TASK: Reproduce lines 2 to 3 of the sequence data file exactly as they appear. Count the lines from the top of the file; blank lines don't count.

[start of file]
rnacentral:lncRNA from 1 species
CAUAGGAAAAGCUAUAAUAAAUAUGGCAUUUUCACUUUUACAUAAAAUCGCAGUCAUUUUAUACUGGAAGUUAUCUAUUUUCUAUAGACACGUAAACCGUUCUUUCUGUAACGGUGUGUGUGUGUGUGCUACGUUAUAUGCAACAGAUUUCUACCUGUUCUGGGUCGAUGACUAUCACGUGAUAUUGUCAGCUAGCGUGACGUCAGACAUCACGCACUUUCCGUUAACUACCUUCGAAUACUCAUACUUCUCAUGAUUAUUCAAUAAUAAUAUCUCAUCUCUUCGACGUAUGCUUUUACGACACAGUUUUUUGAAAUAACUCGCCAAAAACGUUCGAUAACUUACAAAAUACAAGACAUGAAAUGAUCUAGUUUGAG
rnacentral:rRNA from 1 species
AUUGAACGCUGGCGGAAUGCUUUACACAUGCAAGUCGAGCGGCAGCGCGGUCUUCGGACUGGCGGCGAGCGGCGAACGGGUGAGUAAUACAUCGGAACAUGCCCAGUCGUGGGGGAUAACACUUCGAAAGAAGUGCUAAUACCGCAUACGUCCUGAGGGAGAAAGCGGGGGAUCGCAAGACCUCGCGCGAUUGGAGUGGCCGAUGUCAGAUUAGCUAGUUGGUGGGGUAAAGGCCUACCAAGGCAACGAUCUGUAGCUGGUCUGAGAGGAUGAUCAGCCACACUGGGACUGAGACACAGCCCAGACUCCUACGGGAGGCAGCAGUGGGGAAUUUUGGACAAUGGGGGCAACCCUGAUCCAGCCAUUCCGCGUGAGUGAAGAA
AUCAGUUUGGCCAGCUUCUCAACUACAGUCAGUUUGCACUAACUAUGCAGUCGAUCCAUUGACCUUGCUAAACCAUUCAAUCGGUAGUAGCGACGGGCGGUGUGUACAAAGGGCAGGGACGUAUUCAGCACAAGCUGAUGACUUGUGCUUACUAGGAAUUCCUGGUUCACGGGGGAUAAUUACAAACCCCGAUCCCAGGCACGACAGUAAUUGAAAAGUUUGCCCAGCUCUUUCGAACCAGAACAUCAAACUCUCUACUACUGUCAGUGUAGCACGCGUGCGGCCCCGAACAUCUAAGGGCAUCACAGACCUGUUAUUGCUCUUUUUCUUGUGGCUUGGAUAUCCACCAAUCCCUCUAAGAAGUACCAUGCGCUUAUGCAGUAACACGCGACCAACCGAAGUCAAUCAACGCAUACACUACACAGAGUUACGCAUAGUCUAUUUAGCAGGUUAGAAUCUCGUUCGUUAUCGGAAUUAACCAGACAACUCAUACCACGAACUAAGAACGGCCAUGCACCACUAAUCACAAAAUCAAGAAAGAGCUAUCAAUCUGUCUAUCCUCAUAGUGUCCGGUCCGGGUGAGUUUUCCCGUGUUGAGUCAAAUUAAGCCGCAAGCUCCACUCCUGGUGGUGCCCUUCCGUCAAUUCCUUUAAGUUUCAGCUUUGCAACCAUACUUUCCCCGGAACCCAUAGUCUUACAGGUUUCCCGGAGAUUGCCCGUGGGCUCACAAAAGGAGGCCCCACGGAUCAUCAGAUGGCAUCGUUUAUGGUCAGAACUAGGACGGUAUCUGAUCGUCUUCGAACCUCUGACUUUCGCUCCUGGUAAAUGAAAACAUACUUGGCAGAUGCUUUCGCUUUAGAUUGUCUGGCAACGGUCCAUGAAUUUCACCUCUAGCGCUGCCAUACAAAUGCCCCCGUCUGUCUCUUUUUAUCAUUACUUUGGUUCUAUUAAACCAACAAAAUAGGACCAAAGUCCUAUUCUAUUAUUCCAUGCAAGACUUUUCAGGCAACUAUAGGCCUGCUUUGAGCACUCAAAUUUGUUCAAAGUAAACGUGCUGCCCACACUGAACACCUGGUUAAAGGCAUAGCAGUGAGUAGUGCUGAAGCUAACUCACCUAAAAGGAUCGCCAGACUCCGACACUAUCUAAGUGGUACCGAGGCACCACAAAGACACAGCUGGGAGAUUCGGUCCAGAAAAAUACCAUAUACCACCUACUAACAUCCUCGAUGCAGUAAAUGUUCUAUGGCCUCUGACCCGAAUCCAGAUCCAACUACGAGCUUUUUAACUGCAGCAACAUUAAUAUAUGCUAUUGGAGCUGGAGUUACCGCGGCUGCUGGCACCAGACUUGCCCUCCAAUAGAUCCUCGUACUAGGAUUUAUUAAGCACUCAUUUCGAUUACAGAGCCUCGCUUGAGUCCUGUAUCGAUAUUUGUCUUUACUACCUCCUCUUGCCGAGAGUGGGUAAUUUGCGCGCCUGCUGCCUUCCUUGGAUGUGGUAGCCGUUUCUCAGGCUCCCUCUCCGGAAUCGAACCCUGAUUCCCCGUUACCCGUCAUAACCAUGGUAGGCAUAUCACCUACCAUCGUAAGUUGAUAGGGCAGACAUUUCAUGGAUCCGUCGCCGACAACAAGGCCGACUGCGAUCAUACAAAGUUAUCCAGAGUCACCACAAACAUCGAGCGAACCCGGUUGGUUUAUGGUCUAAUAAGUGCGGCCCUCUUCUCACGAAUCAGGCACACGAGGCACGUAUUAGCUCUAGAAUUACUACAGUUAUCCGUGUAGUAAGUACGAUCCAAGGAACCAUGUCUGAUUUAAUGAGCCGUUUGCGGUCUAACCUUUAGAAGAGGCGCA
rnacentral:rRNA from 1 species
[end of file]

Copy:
CAUAGGAAAAGCUAUAAUAAAUAUGGCAUUUUCACUUUUACAUAAAAUCGCAGUCAUUUUAUACUGGAAGUUAUCUAUUUUCUAUAGACACGUAAACCGUUCUUUCUGUAACGGUGUGUGUGUGUGUGCUACGUUAUAUGCAACAGAUUUCUACCUGUUCUGGGUCGAUGACUAUCACGUGAUAUUGUCAGCUAGCGUGACGUCAGACAUCACGCACUUUCCGUUAACUACCUUCGAAUACUCAUACUUCUCAUGAUUAUUCAAUAAUAAUAUCUCAUCUCUUCGACGUAUGCUUUUACGACACAGUUUUUUGAAAUAACUCGCCAAAAACGUUCGAUAACUUACAAAAUACAAGACAUGAAAUGAUCUAGUUUGAG
rnacentral:rRNA from 1 species